The most reliable predictor of how Americans will vote is bias: Republican voters support Republican candidates, and Democratic voters support Democratic candidates. These party-political labels and identities naturally contain ideological and political undertones: the Republican Party is more cautious than the Democratic Party, at least rhetorically, on large, broad-based spending programs. But these overtones don’t seem to affect the choice of voices. There are many examples of one party promoting unpopular ideas without their voters switching to the other party. For example, the 2017 and 2018 GOP agenda of attempting to overturn Obamacare and cut taxes on corporations was quite unpopular with Republican voters, but those voters still largely supported the GOP candidates as of 2018 .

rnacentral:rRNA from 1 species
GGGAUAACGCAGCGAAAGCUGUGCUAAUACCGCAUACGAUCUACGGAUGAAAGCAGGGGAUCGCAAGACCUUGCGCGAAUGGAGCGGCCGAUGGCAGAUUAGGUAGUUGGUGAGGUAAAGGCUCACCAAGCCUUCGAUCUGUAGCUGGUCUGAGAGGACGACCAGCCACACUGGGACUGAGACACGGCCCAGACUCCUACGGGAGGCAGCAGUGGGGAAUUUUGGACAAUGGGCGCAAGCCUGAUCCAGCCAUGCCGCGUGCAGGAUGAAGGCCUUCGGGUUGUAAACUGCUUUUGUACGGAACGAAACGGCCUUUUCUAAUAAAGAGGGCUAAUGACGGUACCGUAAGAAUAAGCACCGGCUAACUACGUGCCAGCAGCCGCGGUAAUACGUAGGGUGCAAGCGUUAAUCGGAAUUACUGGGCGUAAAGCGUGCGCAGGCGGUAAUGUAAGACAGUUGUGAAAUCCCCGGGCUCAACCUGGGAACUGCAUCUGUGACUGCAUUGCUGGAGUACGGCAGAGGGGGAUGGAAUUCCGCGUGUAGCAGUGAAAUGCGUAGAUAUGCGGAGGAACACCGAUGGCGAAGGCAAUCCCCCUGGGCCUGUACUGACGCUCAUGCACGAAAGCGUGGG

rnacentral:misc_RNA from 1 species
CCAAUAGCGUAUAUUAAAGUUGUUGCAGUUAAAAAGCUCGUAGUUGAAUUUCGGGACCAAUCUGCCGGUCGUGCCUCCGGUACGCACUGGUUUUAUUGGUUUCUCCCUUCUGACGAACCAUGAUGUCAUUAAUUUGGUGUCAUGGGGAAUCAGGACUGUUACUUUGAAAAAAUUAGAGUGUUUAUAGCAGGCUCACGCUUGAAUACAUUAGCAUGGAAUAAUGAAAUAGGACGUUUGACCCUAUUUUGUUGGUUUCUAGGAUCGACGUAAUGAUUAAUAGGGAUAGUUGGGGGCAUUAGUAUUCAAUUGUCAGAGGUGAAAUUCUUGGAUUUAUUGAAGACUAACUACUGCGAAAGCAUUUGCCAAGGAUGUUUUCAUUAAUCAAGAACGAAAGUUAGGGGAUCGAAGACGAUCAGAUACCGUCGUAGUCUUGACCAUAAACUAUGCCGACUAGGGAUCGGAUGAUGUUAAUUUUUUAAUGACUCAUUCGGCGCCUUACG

The Data for Progress survey shows that 73 percent of Republicans support the $ 2,000 payments nationally, including 52 percent who strongly support them. Given these numbers, it is almost certain that a majority of Republicans in Georgia will support the payments. A DFP poll of Georgian voters, conducted November 15-20, found that 63 percent of voters in the state said they were more likely to support a candidate who advocated paying $ 1,200 to most Americans as part of a COVID-19 relief package . That 63 percent figure also suggests these payments are universally popular and supported by simple GOP voters.
However, it is very unlikely that many Republicans would support the Democratic candidates in Georgia because of this issue. Yes, both elections appear to be tight, so a slight shift in voting preferences is also important. But if, in such a close election, either Ossoff and Warnock win narrowly, I would hesitate to attribute that victory to Democratic support for this stimulus payment and McConnell’s opposition, as opposed to factors like the strong vote of Democratic operations in the state, Loeffler’s weaknesses and Perdue as candidates and Georgia’s growing liberalism.